Source: Bloomberg, Refinitiv Datastream, Macrobond, Janus Henderson Investors Analysis, as at 16 March 2023 and 31 December 2021. 20-year average uses month end data points between 28 February 2003 and 28 February 2023. Indices used: Global HY = Bloomberg Global High Yield Index, $ Emerging Market Debt (EMD) = J.P. Morgan EMBI Global Diversified Index, Local EMD = J.P. Morgan GBI-EM Index, Global Investment Grade (IG) = Bloomberg Global Aggregate Corporate Index, High yield equities = MSCI World High Dividend Yield Index, US 2year, US 10y, UK 10y, Germany 10y, Japan 10y = Bloomberg Generic Government Bond yields, Global equities = MSCI All Countries World Index, Nasdaq 100 = Nasdaq 100. Yield to maturity for government indices, yield to worst for corporate bond indices, dividend yield for equity indices. Yields may vary over time and are not guaranteed.
With the extreme inversion of government bond yield curves, even two-year sovereign bonds from the US government are offering yields around 4%. In the credit space, global investment grade yields have risen sharply from an average 2% to 5% since the beginning of 2022, while global high yield has jumped from around 5% to 9%. Within securitised credit, an area of the market that felt the full force of last year’s sell-off, yields of 4-10% are compelling given the securities are largely investment grade quality with floating rates.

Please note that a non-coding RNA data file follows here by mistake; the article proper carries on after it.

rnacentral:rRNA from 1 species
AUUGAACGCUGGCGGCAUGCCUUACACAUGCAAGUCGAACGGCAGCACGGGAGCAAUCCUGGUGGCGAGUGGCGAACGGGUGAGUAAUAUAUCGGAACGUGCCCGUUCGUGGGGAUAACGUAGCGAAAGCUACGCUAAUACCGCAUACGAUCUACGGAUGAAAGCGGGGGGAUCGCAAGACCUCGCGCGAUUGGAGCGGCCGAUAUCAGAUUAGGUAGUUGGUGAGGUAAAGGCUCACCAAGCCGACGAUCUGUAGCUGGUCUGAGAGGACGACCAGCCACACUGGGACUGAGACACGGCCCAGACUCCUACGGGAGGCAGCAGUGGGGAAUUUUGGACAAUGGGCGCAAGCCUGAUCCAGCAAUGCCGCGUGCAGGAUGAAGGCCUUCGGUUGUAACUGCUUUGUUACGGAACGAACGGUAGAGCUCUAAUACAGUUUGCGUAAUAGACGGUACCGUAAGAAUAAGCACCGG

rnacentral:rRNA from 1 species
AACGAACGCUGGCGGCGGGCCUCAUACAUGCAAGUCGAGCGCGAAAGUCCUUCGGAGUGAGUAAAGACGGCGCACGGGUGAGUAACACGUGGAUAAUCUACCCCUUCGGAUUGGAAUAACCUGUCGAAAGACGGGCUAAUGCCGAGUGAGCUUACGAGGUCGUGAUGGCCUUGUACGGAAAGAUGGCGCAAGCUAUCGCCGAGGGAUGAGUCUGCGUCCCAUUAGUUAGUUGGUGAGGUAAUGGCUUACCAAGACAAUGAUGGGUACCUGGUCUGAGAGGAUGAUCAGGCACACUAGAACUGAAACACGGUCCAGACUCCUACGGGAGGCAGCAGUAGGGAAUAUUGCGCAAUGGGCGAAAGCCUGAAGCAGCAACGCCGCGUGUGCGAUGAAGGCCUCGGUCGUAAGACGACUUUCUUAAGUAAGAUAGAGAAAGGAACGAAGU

Looking across regions, the European corporate credit market shows particular promise, benefiting from attractive valuations and a somewhat more favourable growth outlook than the US or UK. Elsewhere, emerging markets are likely to once again drive global growth – led by China’s post-Covid recovery. This is constructive for emerging market debt, where credit quality in certain areas is robust and a number of central banks are well positioned to manage a potential slowdown.
Most awaited recession ever
As we move through 2023, the impact of a potential recession is clouding the investment landscape. With central banks continuing to tighten rates in response to elevated inflationary pressures, most lead indicators are pointing to an eventual slowdown – and economists are forecasting a global downturn.
Even though a recession would likely take the pressure off rising rates, it may be challenging for central banks to engineer a slowdown in inflation to the desired 2%, without triggering a larger rise in unemployment. Should a 0.5% decrease in employment spiral to 1-2%, companies would likely retrench, banks would become more reticent to lend, and demand for credit would wane – thus fuelling a deeper crisis.
However, a recessionary environment could ultimately be positive for key parts of fixed income, notably government bonds, as it would allow bond yields to reconnect to the lack of growth, creating an opportunity for potential capital gain as bond prices rise. While yields will be reset lower, the relatively steady income provided by bonds should be in demand from investors looking to de-risk.
A comfortable cushion
Irrespective of the eventual depth of the downturn, fixed income investors are in a far more favourable position today than in recent years, as higher yields offer more of a buffer against a broad bond market downturn.
In addition, the upcoming slowdown may provide an opportunity to generate strong total returns within government bonds. It is not uncommon for rate cuts to come in quick succession following the end of a hiking cycle. Here, a turn in employment figures will be a key indicator to watch.
Within corporates, it may be prudent to keep some powder dry should credit spreads widen. While today’s record corporate margins could come under pressure in the medium term, credit fundamentals are broadly resilient and default rates are expected to remain low. Volatility in the market should offer opportunities for active investors.